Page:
For those of us that have switched to working from home, the temptation is real to locate our home office in our bedroom. Who doesn’t want to roll out of bed and straight onto a Zoom call? You can reduce your commute time to 0.5 seconds! But the science behind productivity tells us that this might not be the best idea.
Research has shown that reserving the bedroom specifically for sleep and sex is a critical component in being able to enjoy a good night’s sleep. Keeping a space specifically for sleep, separate from your workspace can ensure that you associate work with only a specific part of your home or apartment. This will also help you work less and enjoy a more healthy and ergonomic work environment.
Why working out of your bedroom is a terrible idea
Lack of professionalism
First, rarely does working out of your bedroom show off the professionalism that you want to convey. Sure, some people have big bedrooms, but most will find themselves highlighting their unmade bed in a Zoom call. Having a dedicated desk space in a more neutral location with a more professional look will go a long way in conveying to your employer and your clients that you are indeed in a work zone.
Chances of “mishaps”
We’ve all been there. Forgetting to mute ourselves when blurting out an expletive. Having our cat walk across our keyboard on a sales call. But the biggest embarrassment lies in the bedroom for obvious reasons. If you have a significant other, locating your office in your bedroom is just begging to have a situation where your coworkers see too much of your partner… Nothing gets a conference call going like seeing someone walk by wearing boxer shorts only! Just take this possibility completely off the table by relocating your office to somewhere other than where you sleep and get ready in the morning.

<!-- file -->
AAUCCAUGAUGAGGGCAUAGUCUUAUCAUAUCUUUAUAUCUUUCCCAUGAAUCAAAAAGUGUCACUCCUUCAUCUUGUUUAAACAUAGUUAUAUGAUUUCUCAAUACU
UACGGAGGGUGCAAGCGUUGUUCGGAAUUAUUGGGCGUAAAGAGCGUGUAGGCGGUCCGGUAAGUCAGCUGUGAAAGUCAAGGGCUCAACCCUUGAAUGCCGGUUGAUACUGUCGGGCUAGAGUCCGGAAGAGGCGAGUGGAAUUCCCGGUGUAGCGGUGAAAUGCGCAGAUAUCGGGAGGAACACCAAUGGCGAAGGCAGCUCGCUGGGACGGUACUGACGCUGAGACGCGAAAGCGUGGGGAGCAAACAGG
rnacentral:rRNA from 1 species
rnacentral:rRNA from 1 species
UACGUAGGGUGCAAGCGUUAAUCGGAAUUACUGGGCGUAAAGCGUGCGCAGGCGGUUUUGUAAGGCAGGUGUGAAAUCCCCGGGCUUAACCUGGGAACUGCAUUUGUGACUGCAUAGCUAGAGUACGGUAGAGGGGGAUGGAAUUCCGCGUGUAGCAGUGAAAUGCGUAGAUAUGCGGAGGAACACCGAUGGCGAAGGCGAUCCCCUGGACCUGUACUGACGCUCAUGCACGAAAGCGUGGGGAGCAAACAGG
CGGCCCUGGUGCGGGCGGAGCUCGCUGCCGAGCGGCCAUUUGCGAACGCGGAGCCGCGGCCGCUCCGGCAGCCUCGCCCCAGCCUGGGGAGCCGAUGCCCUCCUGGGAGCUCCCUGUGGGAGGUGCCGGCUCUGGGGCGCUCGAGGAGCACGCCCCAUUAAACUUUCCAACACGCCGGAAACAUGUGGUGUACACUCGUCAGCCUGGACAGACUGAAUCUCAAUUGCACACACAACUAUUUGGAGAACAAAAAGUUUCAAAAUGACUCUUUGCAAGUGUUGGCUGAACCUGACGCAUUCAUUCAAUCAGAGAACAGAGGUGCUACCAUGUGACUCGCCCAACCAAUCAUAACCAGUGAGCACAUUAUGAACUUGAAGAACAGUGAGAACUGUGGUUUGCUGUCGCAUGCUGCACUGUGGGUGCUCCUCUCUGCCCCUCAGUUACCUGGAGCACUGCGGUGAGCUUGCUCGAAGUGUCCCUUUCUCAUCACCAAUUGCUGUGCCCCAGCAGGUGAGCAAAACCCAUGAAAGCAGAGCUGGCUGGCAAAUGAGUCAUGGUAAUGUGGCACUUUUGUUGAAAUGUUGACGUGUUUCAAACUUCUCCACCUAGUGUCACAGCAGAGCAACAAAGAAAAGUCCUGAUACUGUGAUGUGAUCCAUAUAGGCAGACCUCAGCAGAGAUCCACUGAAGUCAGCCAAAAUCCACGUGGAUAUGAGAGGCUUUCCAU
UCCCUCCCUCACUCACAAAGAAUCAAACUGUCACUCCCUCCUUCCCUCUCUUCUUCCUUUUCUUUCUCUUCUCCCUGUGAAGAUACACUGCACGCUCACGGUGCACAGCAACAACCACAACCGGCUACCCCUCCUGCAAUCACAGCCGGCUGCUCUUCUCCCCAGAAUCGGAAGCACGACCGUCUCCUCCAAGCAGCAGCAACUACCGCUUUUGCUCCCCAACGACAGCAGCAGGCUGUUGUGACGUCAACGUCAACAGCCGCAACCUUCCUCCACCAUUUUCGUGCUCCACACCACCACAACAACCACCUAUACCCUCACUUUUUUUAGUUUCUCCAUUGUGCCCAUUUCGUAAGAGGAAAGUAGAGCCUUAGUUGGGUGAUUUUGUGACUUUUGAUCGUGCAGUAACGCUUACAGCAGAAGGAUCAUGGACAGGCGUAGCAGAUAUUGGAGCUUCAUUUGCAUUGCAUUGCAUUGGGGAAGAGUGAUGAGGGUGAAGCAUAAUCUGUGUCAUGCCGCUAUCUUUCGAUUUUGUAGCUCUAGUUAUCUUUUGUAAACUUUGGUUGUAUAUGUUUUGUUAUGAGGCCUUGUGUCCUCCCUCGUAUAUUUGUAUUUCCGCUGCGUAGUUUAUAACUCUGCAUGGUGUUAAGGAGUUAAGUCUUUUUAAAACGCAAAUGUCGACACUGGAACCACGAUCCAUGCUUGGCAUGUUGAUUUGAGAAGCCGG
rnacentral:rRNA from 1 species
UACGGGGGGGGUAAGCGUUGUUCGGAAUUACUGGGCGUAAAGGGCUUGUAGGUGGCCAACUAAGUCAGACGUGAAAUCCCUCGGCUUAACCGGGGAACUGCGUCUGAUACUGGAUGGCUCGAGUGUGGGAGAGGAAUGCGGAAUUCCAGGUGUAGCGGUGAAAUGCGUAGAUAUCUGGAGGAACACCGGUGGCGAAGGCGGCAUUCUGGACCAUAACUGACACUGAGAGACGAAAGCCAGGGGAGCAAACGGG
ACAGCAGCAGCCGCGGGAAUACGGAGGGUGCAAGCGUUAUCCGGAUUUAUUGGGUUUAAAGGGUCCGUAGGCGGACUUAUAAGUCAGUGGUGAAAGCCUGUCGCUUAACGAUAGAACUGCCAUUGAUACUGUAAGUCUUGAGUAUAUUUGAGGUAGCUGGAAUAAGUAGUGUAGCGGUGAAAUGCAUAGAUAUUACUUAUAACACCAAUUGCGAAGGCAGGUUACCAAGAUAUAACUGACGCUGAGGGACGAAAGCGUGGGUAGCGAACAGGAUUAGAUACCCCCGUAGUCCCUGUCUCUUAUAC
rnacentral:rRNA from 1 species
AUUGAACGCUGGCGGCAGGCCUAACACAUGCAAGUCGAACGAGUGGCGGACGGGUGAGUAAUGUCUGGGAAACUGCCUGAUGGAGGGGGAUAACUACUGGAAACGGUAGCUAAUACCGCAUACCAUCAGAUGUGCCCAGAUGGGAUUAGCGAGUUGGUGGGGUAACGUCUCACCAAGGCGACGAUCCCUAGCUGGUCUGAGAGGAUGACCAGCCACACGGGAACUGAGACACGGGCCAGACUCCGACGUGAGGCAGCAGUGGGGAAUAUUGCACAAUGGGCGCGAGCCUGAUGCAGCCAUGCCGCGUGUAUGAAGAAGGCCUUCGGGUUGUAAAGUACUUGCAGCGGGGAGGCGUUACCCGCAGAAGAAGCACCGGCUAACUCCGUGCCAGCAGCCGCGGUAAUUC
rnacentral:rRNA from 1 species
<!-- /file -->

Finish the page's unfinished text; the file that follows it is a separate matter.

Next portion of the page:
Being courteous to housemates
It’s not just about having someone show up in your meeting in the nude… If you have a significant other, it isn’t fair to locate your office in the place they sleep. What if they want to sleep in? What if your online meetings are particularly noisy. Keep the bedroom for sleep.
Working from home etiquette
If you are working in the bedroom, chances are you will have more moments when either you or the space are not presentable. This means that you won’t turn your video on for conference calls which have been proven to be a bad idea for teamwork. This also speaks to the idea of dressing appropriately for work. The temptation to show up to a call in your pajamas is just too strong when you work out of your bedroom.
In the morning, put on real work clothes and go to a specific space for your office that is outside of the bedroom so you don’t violate these working from home etiquette rules.
Research has shown that you should keep your bedroom space exclusively for sleep and sex. This helps you create an environment that is not associated with any of the stresses from work. I don’t want to sleep in the same space as where I had a work confrontation a few hours earlier. Making that separation has proven to allow you to get to sleep better and quicker.
Working in your bedroom can also take a toll on your psychology in the long term. If you work in the same space you sleep, you may start to get the sense that you are never really leaving work. We already have a lot of this feeling when working from home, why make it worse? Again, that physical separation helps train your brain to associate a specific environment with work. When you leave that space, you feel like you left work. I even recommend shutting the door on your office completely and keep that space somewhat off-limits outside of work hours (if you have the luxury of a dedicated space for your home office).